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Experts funded by Britain's Arts and Humanities Research Council have found the remains of Britain's earliest rabbit – a discovery which reveals bunnies arrived in the country 1,000 years earlier than previously thought, the council announced Thursday.|
Rabbits are native to Spain and France. It had been thought they were a medieval introduction to Britain, but this new discovery has pushed that timing back by more than a millennium.
Radiocarbon dating of the bone, which was unearthed at Fishbourne Roman Palace in Sussex, shows the rabbit was alive in the 1st Century AD.
The 100px segment of a tibia bone was found during excavations in 1964, but it remained in a box, not recognized until 2017, when Dr. Fay Worley, a zooarchaeologist at Historic England realized the bone was from a rabbit, and genetic analyses have proved Fay was right.
Britain's earliest rabbit doesn't bear any butchery marks, and another analysis suggests it was kept in confinement. The inhabitants at Fishbourne Palace were known to be wealthy and kept a varied menagerie so that the rabbit could have been an exotic pet.
Academics from the University of Exeter, Universities of Oxford and Leicester, and funded by the Arts and Humanities Research Council, carried out the analyses, together with Historic England and Sussex Archaeological Society. Further research is ongoing that will reveal where the rabbit came from and whether it is related to modern bunnies.
Professor Naomi Sykes, from the University of Exeter, who is leading the work, said: "This is a tremendously exciting discovery and this very early rabbit is already revealing new insights into the history of the Easter traditions we are all enjoying this week. The bone fragment was very little meaning it was overlooked for decades, and modern research techniques mean we can learn about its date and genetic background as well.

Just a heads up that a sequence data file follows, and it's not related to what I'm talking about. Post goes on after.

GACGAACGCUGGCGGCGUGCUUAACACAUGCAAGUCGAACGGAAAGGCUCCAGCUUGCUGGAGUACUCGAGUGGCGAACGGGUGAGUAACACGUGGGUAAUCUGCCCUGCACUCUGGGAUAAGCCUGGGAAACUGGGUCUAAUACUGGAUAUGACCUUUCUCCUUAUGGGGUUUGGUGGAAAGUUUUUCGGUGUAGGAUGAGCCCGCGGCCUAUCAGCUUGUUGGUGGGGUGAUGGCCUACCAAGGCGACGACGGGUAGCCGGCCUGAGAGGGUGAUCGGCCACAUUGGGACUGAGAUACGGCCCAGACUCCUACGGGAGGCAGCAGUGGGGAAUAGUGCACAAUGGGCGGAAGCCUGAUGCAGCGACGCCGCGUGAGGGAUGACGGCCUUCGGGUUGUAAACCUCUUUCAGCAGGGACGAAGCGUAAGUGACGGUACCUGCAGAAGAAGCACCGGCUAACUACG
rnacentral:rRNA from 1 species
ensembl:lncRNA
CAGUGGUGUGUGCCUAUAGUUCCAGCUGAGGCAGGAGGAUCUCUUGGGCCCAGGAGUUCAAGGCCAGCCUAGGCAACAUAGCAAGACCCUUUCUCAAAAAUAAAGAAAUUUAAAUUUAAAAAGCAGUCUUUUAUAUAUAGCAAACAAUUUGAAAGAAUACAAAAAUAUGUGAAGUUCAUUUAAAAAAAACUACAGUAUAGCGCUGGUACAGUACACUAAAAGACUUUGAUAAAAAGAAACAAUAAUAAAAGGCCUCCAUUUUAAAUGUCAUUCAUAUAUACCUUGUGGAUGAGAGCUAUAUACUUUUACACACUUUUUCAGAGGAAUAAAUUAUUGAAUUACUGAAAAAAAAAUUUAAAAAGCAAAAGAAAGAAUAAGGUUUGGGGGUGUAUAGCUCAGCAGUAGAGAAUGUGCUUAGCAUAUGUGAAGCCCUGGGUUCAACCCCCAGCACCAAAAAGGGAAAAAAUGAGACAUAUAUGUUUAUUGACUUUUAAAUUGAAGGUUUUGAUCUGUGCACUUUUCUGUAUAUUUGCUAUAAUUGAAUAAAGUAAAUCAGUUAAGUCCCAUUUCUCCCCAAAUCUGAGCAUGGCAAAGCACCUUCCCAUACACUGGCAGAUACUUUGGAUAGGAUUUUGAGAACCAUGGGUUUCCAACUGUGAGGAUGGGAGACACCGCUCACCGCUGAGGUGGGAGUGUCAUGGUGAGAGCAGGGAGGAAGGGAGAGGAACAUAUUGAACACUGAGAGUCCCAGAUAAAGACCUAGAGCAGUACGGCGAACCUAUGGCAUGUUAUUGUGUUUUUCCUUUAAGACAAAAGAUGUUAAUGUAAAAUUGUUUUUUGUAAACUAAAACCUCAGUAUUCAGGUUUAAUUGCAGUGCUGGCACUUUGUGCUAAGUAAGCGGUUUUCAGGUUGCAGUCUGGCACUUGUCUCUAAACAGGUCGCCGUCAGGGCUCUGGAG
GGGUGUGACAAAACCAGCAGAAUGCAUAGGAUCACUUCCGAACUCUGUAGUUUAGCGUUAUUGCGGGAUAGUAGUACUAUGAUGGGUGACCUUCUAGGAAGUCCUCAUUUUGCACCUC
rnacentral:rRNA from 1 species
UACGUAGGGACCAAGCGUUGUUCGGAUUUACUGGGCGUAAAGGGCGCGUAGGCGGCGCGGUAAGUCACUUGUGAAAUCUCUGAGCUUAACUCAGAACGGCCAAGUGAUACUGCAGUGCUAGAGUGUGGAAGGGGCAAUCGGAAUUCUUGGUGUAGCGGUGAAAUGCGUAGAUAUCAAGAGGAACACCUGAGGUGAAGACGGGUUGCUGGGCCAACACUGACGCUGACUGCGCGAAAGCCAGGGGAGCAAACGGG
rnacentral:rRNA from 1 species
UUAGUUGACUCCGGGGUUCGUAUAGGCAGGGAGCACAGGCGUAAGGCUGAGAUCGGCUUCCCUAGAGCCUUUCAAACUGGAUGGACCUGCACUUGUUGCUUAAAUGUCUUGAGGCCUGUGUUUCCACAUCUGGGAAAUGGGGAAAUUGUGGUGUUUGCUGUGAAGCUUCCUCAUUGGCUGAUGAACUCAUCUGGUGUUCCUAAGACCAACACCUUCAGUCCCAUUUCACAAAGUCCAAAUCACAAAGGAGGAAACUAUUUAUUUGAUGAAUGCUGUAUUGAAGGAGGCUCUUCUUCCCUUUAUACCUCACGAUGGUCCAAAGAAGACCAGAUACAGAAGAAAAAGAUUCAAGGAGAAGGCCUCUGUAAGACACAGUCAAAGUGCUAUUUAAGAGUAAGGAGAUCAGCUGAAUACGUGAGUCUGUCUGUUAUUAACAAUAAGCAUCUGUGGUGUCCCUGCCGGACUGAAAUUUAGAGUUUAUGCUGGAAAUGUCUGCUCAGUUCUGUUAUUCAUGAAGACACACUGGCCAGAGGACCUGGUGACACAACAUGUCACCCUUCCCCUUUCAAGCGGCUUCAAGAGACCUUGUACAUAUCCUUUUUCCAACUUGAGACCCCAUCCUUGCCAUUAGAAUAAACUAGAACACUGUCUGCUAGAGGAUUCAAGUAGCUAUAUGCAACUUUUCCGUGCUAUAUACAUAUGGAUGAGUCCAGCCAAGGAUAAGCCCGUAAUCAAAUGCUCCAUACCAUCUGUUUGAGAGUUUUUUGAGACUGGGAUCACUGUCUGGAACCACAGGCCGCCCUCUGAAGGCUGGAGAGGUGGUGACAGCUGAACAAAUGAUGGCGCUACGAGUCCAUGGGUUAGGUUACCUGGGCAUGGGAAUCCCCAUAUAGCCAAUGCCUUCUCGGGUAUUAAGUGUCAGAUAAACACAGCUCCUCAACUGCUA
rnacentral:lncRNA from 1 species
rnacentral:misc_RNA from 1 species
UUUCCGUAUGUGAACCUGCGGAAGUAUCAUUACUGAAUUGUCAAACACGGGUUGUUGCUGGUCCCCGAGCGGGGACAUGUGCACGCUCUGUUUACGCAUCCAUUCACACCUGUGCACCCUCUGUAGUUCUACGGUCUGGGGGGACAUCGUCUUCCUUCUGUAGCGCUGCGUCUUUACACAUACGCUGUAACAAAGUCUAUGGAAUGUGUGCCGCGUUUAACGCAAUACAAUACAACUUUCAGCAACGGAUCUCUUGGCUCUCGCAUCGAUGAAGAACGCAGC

Worley said: "I was excited to find a rabbit bone from a Roman deposit, and thrilled when the radiocarbon date confirmed that it isn't from a modern rabbit that had burrowed in. This find will change how we interpret Roman remains and highlights that new information awaits discovery in museum collections!"
Easter is the most important event in the Christian calendar, yet very little is known about when it first appeared in Britain. Although there is an abundance of popular belief and folklore, we also know next to nothing about the origins of Easter customs, such as the gifting of eggs purportedly delivered by the Easter "bunny."
The English word Easter was first documented in the eighth century AD by the Venerable Bede, whose treatise On the Reckoning of Time refers to spring celebrations in honor of the pagan goddess Eostre, from whom Easter takes its English and German name. The first historical mention of an "Easter Bunny" is, in fact, an Easter hare, and is found in a German text from 1682.